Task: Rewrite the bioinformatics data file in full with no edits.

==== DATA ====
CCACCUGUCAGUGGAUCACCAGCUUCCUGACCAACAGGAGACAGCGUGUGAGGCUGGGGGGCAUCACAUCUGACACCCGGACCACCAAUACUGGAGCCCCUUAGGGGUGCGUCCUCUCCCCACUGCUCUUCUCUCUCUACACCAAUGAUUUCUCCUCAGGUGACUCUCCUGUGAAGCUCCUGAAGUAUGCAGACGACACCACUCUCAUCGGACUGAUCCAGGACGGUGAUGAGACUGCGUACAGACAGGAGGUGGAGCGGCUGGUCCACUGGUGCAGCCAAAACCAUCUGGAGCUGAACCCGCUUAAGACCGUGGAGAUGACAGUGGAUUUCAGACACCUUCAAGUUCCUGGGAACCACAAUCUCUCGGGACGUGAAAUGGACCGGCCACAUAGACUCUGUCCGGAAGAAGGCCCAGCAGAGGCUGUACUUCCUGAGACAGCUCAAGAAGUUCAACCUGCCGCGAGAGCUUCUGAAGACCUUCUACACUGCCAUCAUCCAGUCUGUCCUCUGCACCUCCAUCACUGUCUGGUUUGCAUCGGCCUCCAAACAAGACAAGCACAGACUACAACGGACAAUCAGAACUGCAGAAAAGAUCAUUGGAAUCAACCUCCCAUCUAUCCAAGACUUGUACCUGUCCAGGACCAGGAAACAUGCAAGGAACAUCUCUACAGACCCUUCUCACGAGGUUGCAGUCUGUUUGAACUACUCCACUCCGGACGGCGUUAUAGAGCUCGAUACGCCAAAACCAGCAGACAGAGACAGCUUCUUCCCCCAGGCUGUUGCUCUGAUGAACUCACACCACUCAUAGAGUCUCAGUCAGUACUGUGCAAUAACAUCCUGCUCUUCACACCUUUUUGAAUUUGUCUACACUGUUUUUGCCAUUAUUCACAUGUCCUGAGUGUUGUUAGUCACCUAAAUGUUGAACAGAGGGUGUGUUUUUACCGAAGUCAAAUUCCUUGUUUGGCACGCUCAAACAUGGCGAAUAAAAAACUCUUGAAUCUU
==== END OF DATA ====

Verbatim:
CCACCUGUCAGUGGAUCACCAGCUUCCUGACCAACAGGAGACAGCGUGUGAGGCUGGGGGGCAUCACAUCUGACACCCGGACCACCAAUACUGGAGCCCCUUAGGGGUGCGUCCUCUCCCCACUGCUCUUCUCUCUCUACACCAAUGAUUUCUCCUCAGGUGACUCUCCUGUGAAGCUCCUGAAGUAUGCAGACGACACCACUCUCAUCGGACUGAUCCAGGACGGUGAUGAGACUGCGUACAGACAGGAGGUGGAGCGGCUGGUCCACUGGUGCAGCCAAAACCAUCUGGAGCUGAACCCGCUUAAGACCGUGGAGAUGACAGUGGAUUUCAGACACCUUCAAGUUCCUGGGAACCACAAUCUCUCGGGACGUGAAAUGGACCGGCCACAUAGACUCUGUCCGGAAGAAGGCCCAGCAGAGGCUGUACUUCCUGAGACAGCUCAAGAAGUUCAACCUGCCGCGAGAGCUUCUGAAGACCUUCUACACUGCCAUCAUCCAGUCUGUCCUCUGCACCUCCAUCACUGUCUGGUUUGCAUCGGCCUCCAAACAAGACAAGCACAGACUACAACGGACAAUCAGAACUGCAGAAAAGAUCAUUGGAAUCAACCUCCCAUCUAUCCAAGACUUGUACCUGUCCAGGACCAGGAAACAUGCAAGGAACAUCUCUACAGACCCUUCUCACGAGGUUGCAGUCUGUUUGAACUACUCCACUCCGGACGGCGUUAUAGAGCUCGAUACGCCAAAACCAGCAGACAGAGACAGCUUCUUCCCCCAGGCUGUUGCUCUGAUGAACUCACACCACUCAUAGAGUCUCAGUCAGUACUGUGCAAUAACAUCCUGCUCUUCACACCUUUUUGAAUUUGUCUACACUGUUUUUGCCAUUAUUCACAUGUCCUGAGUGUUGUUAGUCACCUAAAUGUUGAACAGAGGGUGUGUUUUUACCGAAGUCAAAUUCCUUGUUUGGCACGCUCAAACAUGGCGAAUAAAAAACUCUUGAAUCUU